Spider-Man has starred in seven solo live-action films over the past 17 years, and he's tangled with many of his iconic foes straight out of the original comic book source material. However, while some supervillains like Alfred Molina's tortured Doctor Octopus in Spider-Man 2 and Michael Keaton's menacing Vulture in Spider-Man: Homecoming have been well-received by fans and critics alike, other villains have not translated quite as effectively to the big screen for a variety of reasons.
Now, we're taking a look back at some of the live-action Spider-Man movie villains who are fenerally regarded as poorly received and where their jump from page to screen went terribly wrong.
Jamie Foxx's casting as Electro in 2014's Amazing Spider-Man 2 seemed like an inspired choice. A charismatic, Academy Award-winning actor portraying a popular Spider-Man villain that had not yet been adapted all seemed like a perfectly sound decision. However, as more details about the character became unveiled, fans appeared increasingly divided about the villain's portrayal.
While the pulsating electric effects throughout the character's body was impressive, fans were less thrilled about the constantly whispering paranoid thoughts in Electro's warped mind. In terms of the character's role in the film's overall story, most audiences felt that Max Dillon's portrayal before his villainous transformation mirrored that of Jim Carrey's performance as Edward Nigma in Batman Forever while the end of Amazing Spider-Man 2 saw Electro become little more than electric-powered muscle for Harry Osborn.
The biggest fan-favorite villain created within the last 30 years of the Spider-Man mythos is Venom, a symbiote-empowered antagonist and antihero bonded to Eddie Brock, a former co-worker of Peter Parker's who had an ax to grind for both of the web-slinger's dual identities. Fresh off That 70s Show, Topher Grace was cast as Brock for Spider-Man 3, serving as a dark, opportunistic mirror to Peter whose life changed forever when he came into the contact with the symbiote.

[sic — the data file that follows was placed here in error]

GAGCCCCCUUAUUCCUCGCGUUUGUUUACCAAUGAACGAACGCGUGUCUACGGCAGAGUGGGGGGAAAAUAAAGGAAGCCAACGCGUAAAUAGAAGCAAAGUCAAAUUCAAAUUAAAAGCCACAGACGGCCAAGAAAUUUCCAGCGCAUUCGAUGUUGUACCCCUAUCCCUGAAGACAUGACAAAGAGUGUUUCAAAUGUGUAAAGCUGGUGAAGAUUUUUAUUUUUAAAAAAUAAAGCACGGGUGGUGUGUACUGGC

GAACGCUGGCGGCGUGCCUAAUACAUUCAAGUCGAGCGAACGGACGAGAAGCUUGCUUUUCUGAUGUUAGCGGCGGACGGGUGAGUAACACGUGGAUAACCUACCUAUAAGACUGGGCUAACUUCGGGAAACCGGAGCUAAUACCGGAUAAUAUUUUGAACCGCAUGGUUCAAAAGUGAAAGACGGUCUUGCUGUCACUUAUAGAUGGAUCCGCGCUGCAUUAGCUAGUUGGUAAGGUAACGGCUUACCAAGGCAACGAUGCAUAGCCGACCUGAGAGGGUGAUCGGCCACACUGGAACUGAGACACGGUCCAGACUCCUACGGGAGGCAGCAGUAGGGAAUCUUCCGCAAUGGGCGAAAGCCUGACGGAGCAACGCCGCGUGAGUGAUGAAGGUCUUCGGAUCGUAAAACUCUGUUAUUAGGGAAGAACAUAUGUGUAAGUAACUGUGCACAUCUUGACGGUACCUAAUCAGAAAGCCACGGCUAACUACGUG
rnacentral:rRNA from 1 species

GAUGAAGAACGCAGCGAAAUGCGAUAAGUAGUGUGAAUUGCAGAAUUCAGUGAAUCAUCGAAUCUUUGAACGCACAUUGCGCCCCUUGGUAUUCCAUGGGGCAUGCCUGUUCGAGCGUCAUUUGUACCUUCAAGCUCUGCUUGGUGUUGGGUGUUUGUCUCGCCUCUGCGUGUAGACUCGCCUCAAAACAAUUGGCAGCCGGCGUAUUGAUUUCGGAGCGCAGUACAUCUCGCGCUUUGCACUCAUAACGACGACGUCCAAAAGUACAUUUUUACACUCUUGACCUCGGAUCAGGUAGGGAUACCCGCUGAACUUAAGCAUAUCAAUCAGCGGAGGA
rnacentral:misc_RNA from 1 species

The biggest issue with Spider-Man 3 is that filmmaker Sam Raimi never wanted to include Venom in the film at all, with only Sandman and Harry Osborn's incarnation of the Green Goblin in the original version of the script. As such, Venom's inclusion in the film comes off as rushed and uninspired; a mandate from producer Avi Arad to Raimi's expressed chagrin looking back on the 2007 film. Years later, Arad himself would take responsibility for shoehorning Venom into the film rather than making him a more organic part of the story.
The first and last supervillain that Spidey fights in Amazing Spider-Man 2 -- indeed, the last villain that Andrew Garfield's incarnation of the web-slinger fights at all -- is the Rhino, portrayed by Golden Globe-winning actor Paul Giamatti. He's seen in the film's prologue in his civilian form as a Russian mobster before taking on a powerful exo-suit to battle Spidey in the streets of Manhattan in the film's closing scene. Ultimately, Rhino set the tone for Garfield's final outing as the superhero.
However, Giamatti's depiction of Rhino left more fans scratching their heads in his brief appearances rather than cheering excitedly. With a laughably bad Russian accent and supremely over-the-top, cartoonish performance, Giamatti seemed to be at least having a good time while undercutting the emotional drama of Peter Parker finally returning to the role of Spider-Man after taking a year sabbatical following the death of Gwen Stacy. Also, the CGI-heavy exo-suit that Rhino employs came off as more of a cheap Iron Man knockoff rather than the classic Spider-Man villain.
Just as with the comics and as James Franco's portrayal of the character in Spider-Man 3 had done seven years earlier, Dane DeHaan's Harry Osborn becomes a version of the Green Goblin in the final act to Amazing Spider-Man 2. While this incarnation of Harry was similarly a childhood friend of Peter's, he resented his old friend for not sharing his blood despite Harry suffering from a rare, genetic disease that was rapidly progressing.
Just as Spider-Man 3 had shoehorned in Venom, this incarnation of Harry and his rapid transformation in the Green Goblin was criticized. The rare disease trope was criticized, with the filmmakers perhaps taking the Goblin moniker too literally, with Harry developing green, leathery skin with his villainous descent really just coming off as an excuse to set up Gwen Stacy's death and the Sinister Six in a sequel that ultimately never materialized.